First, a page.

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Embracing the Unthinkable: The Paradox of Sacrifice in “His Only Son”

Dive into "His Only Son," a film that explores Abraham's journey and sacrifice while examining research on the impact of religious devotion to the experience of sacrifice. Engaging and insightful for both believers and film enthusiasts.

What if you sacrifice everything for one transcendent goal, and when you finally reach it, you’re asked to sacrifice it too?

What if, after every sacrifice, weighing the costs and rewards, you are left with a great and final sacrifice, with only one reason—God said so?

This reality is foundational to the Abrahamic faiths. We sacrifice even when it makes no sense, even when it takes everything we have when God says so.

This concept is increasingly foreign in the secularized West, where our opulence allows us to believe we can have it all. So why give up anything?

Why indeed?

In the recent film “His Only Son,” Abraham faces these very questions. “His Only Son” is a touching film that delves into the experience of faith and explores the notion of sacrifice. Nicolas Mouawad, who portrays Abraham, delves deep into the reality of Abraham as a man and surfaces with both the honest struggles and honest strength that comes from his faith and relationship with the Lord.

In a post-screening Q&A, Mouawad explained that he had to remove the idea of Abraham as this great historical figure, to discover how the real person Abraham would have reacted in these moments. That work pays off because we can’t fully appreciate Abraham the figurehead if we can’t first see the real grappling of Abraham the person.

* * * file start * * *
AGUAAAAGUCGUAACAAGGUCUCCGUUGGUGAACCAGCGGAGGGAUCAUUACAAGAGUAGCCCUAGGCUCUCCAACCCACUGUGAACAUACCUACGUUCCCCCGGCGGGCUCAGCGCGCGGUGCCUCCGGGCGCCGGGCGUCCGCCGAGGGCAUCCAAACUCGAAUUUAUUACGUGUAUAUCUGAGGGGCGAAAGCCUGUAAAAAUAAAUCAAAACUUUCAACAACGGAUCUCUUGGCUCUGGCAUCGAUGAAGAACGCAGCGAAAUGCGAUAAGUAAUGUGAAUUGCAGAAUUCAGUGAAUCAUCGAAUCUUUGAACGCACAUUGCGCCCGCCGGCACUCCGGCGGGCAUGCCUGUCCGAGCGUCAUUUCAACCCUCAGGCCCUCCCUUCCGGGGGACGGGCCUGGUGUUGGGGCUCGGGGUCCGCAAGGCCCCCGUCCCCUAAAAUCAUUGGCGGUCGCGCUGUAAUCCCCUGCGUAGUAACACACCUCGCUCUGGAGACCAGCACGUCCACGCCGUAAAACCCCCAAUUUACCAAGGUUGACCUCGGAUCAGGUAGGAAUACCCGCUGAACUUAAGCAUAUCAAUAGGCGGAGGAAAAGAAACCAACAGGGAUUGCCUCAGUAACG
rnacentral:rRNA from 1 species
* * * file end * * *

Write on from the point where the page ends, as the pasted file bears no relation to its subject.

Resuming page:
When it comes to matters of faith, it’s rare for a film this well-made to “get it.” Well, they get it in all its beauty, all its nuance, all its struggle.

Why give up anything? Why indeed?

Today, sacrifice is out of fashion. To the extent that sacrifice is spoken about in secular spaces at all today, it is usually transactional. She sacrificed her career for her family. He sacrificed his daily coffee to build up a savings account. But even these kinds of sacrifices have begun to be looked down upon, where the only success worth celebrating is having everything.

But this push to have everything is an illusion. Christians understand this in Jesus’ injunction that “no man can serve two masters: for either he will hate the one, and love the other; or else he will hold to the one, and despise the other.” Both Jewish and Islamic traditions have similar teachings.

You simply cannot enjoy both indulgence and temperance. And when you worship a God of mysteries—a God whose ways are higher than ours—we will be asked to sacrifice things that make no sense other than that we are sacrificing them for Him. 

The script, written by David Helling, who also directed, takes Abraham on the journey from his home to the mountain where has been asked to sacrifice his son. During his travels, he remembers his time with Sarah and their struggle to have a child. Abraham remembers the many sacrifices he made to the Lord with the promise that an entire nation would come from his seed. And now the Lord asked him to sacrifice the one thing he had sacrificed everything for. Devotion to God is the ultimate sacrifice.